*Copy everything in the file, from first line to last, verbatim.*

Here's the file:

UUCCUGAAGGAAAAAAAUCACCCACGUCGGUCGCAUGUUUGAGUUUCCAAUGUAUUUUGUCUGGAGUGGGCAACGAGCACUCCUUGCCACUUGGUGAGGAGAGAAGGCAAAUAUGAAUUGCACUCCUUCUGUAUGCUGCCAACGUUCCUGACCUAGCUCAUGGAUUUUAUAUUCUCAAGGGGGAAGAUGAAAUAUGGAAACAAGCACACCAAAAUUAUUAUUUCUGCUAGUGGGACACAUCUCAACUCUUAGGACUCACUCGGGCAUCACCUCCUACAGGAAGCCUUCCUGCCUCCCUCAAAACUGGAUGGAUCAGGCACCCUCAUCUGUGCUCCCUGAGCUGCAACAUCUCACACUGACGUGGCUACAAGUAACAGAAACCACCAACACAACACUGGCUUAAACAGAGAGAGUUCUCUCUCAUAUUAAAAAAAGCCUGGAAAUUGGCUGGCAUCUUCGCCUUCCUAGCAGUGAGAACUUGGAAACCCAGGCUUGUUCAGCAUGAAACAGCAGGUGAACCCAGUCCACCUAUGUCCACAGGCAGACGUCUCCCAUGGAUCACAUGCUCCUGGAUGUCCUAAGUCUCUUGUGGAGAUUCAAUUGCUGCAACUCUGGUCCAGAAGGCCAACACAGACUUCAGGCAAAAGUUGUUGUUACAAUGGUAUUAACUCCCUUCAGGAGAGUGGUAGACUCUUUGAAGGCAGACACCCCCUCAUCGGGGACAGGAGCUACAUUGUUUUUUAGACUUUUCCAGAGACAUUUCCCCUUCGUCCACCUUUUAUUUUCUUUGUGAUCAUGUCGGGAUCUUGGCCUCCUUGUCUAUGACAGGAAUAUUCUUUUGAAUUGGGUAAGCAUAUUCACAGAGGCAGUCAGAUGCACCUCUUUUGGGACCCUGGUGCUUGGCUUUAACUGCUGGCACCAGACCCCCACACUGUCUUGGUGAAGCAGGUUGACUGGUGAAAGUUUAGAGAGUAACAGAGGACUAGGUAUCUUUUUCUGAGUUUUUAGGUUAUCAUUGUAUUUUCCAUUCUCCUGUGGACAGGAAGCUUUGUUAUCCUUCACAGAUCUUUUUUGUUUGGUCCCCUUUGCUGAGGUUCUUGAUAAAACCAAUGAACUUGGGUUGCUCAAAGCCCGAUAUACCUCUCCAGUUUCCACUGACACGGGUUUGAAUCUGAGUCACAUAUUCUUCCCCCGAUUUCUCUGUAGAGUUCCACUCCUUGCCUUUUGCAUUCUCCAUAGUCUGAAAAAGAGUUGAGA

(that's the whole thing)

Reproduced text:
UUCCUGAAGGAAAAAAAUCACCCACGUCGGUCGCAUGUUUGAGUUUCCAAUGUAUUUUGUCUGGAGUGGGCAACGAGCACUCCUUGCCACUUGGUGAGGAGAGAAGGCAAAUAUGAAUUGCACUCCUUCUGUAUGCUGCCAACGUUCCUGACCUAGCUCAUGGAUUUUAUAUUCUCAAGGGGGAAGAUGAAAUAUGGAAACAAGCACACCAAAAUUAUUAUUUCUGCUAGUGGGACACAUCUCAACUCUUAGGACUCACUCGGGCAUCACCUCCUACAGGAAGCCUUCCUGCCUCCCUCAAAACUGGAUGGAUCAGGCACCCUCAUCUGUGCUCCCUGAGCUGCAACAUCUCACACUGACGUGGCUACAAGUAACAGAAACCACCAACACAACACUGGCUUAAACAGAGAGAGUUCUCUCUCAUAUUAAAAAAAGCCUGGAAAUUGGCUGGCAUCUUCGCCUUCCUAGCAGUGAGAACUUGGAAACCCAGGCUUGUUCAGCAUGAAACAGCAGGUGAACCCAGUCCACCUAUGUCCACAGGCAGACGUCUCCCAUGGAUCACAUGCUCCUGGAUGUCCUAAGUCUCUUGUGGAGAUUCAAUUGCUGCAACUCUGGUCCAGAAGGCCAACACAGACUUCAGGCAAAAGUUGUUGUUACAAUGGUAUUAACUCCCUUCAGGAGAGUGGUAGACUCUUUGAAGGCAGACACCCCCUCAUCGGGGACAGGAGCUACAUUGUUUUUUAGACUUUUCCAGAGACAUUUCCCCUUCGUCCACCUUUUAUUUUCUUUGUGAUCAUGUCGGGAUCUUGGCCUCCUUGUCUAUGACAGGAAUAUUCUUUUGAAUUGGGUAAGCAUAUUCACAGAGGCAGUCAGAUGCACCUCUUUUGGGACCCUGGUGCUUGGCUUUAACUGCUGGCACCAGACCCCCACACUGUCUUGGUGAAGCAGGUUGACUGGUGAAAGUUUAGAGAGUAACAGAGGACUAGGUAUCUUUUUCUGAGUUUUUAGGUUAUCAUUGUAUUUUCCAUUCUCCUGUGGACAGGAAGCUUUGUUAUCCUUCACAGAUCUUUUUUGUUUGGUCCCCUUUGCUGAGGUUCUUGAUAAAACCAAUGAACUUGGGUUGCUCAAAGCCCGAUAUACCUCUCCAGUUUCCACUGACACGGGUUUGAAUCUGAGUCACAUAUUCUUCCCCCGAUUUCUCUGUAGAGUUCCACUCCUUGCCUUUUGCAUUCUCCAUAGUCUGAAAAAGAGUUGAGA